Questions Involving Women

Real questions, submitted by actual OU Torah followers, with their real answers. NOTE: For questions of practical halacha, please consult your own rabbi for guidance.

Q. Is waving and covering the eyes derived from Kabbalah?

A. Thanks for your question. I assume you’re referring to when women light Shabbos candles.

Think about when we light Chanukah candles: we say the bracha and then light. That’s the way it should be for Shabbos also except there’s a problem. If one were to recite the bracha first, she would have accepted Shabbos already and be unable to light! Accordingly, a woman lights the candles, covers her eyes to recite the bracha, and then opens them to reveal the lit candles. This is a legal reason for covering the eyes.

The waving is not required by Jewish law. It’s a custom through which the women symbolically “usher in” Shabbos. I have seen kabbalistic significance attributed to it but I think that’s more an explanation after the fact than the origin of the practice, which appears to be more contemporary than covering the eyes.


Necessary background information: according to halacha, the proper order of putting on one’s shoes is to put on the right, put on the left, tie the left, and then tie the right. See more here.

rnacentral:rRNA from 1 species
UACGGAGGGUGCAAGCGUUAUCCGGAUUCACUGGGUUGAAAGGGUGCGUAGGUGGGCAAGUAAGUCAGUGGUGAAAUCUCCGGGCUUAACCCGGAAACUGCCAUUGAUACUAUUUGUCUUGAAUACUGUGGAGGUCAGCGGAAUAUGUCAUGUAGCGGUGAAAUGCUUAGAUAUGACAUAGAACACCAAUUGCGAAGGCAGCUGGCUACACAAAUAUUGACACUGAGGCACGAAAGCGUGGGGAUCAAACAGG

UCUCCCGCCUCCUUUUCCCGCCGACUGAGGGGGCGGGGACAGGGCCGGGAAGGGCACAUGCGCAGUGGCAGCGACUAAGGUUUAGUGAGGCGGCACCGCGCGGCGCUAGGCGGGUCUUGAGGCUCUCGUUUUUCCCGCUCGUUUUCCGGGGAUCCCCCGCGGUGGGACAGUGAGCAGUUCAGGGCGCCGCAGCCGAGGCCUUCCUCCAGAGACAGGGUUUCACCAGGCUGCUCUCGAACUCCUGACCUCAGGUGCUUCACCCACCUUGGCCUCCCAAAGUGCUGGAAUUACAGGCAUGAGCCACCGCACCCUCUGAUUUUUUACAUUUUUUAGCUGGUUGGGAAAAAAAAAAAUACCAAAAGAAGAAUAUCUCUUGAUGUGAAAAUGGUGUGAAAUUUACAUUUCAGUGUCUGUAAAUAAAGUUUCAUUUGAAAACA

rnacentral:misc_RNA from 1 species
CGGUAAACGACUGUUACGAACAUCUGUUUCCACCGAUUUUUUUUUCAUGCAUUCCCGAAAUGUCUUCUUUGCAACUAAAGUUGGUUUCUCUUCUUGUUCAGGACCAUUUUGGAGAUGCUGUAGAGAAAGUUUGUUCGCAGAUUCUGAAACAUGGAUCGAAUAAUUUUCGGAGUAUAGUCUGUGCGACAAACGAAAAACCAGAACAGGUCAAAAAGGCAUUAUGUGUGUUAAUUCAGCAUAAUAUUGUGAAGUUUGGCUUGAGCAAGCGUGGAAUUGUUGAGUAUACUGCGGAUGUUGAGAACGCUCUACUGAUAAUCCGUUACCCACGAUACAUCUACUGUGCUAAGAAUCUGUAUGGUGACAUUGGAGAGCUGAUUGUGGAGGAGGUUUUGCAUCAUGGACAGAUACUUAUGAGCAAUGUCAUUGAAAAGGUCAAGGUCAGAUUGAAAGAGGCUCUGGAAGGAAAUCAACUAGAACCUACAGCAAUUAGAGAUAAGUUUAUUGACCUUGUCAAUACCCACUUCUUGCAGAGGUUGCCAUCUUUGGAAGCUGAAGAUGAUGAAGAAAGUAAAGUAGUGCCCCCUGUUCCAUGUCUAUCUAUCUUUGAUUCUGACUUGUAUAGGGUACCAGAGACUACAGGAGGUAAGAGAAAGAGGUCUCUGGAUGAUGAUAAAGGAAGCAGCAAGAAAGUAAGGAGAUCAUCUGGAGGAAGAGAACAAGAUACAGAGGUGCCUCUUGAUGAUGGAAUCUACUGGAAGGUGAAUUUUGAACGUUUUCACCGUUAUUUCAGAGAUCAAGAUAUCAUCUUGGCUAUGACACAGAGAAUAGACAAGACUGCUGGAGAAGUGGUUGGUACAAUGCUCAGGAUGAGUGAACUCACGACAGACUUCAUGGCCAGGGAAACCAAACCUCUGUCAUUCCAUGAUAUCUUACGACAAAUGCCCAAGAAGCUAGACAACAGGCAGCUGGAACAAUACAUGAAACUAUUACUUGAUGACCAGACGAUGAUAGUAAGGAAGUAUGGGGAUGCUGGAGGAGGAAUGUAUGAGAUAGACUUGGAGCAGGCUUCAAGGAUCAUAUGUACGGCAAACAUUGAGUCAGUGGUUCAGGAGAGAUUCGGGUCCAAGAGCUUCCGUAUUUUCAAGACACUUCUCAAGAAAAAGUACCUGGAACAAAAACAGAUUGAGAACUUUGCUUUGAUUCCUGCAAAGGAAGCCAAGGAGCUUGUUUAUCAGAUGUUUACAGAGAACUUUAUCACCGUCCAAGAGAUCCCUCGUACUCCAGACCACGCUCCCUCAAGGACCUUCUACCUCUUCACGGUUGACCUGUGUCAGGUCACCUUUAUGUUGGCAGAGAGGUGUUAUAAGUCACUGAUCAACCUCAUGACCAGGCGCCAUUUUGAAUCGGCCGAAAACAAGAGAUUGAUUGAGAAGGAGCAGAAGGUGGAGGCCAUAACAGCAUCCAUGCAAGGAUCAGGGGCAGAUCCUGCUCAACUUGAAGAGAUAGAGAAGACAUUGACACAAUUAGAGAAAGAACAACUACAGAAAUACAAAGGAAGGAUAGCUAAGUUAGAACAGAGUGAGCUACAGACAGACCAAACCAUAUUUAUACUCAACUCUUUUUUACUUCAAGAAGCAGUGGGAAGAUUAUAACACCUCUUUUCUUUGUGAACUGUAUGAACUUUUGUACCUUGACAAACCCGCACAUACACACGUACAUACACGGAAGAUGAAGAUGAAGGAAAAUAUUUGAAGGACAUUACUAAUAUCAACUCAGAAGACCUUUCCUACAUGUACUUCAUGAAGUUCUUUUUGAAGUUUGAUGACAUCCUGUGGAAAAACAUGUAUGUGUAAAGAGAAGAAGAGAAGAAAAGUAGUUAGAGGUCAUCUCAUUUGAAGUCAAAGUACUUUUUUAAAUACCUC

Q. I recently bought a new pair of shoes and was tying them in a special way. I started off by tying the left shoe and when I was halfway through tying it, my mother started tying the right shoe. I undid the right shoe and carried on tying the left. Is it fine like that or do I need to retie them?

A. Thanks for your question. Some authorities (not all) would advise that if you make a mistake, you must go back and start again. It sounds to me like this is exactly what you did when you untied the right and resumed with the left. I don’t think that there would be any reason to go back any further than that.

Incidentally, since I don’t know your gender, I’ll mention that some authorities don’t require this practice of women. This is because it’s largely predicated on tefillin, in which women are not obligated.


Deuteronomy 24:1: “…if she finds no favor in his eyes… he shall write her a bill of divorce, put it in her hand and send her out from his house.”

Q. Does Deuteronomy 24:1 apply if the woman leaves the man?

A. Thanks for your question. If a married couple splits up, the husband must give his wife a “get” regardless of the circumstances of their separation. This is true even if the woman initiates the break-up.


Referring to erchin – the “valuations” at the end of parshas Bechukosai.

Q. These are some disturbing pesukim. How do we understand men and women having different values?

A. It’s based on the value of a person if sold as a servant. Men are typically able to do heavy labor and women generally aren’t, so men tended to command a higher value as hired labor, which is reflected in these valuations.

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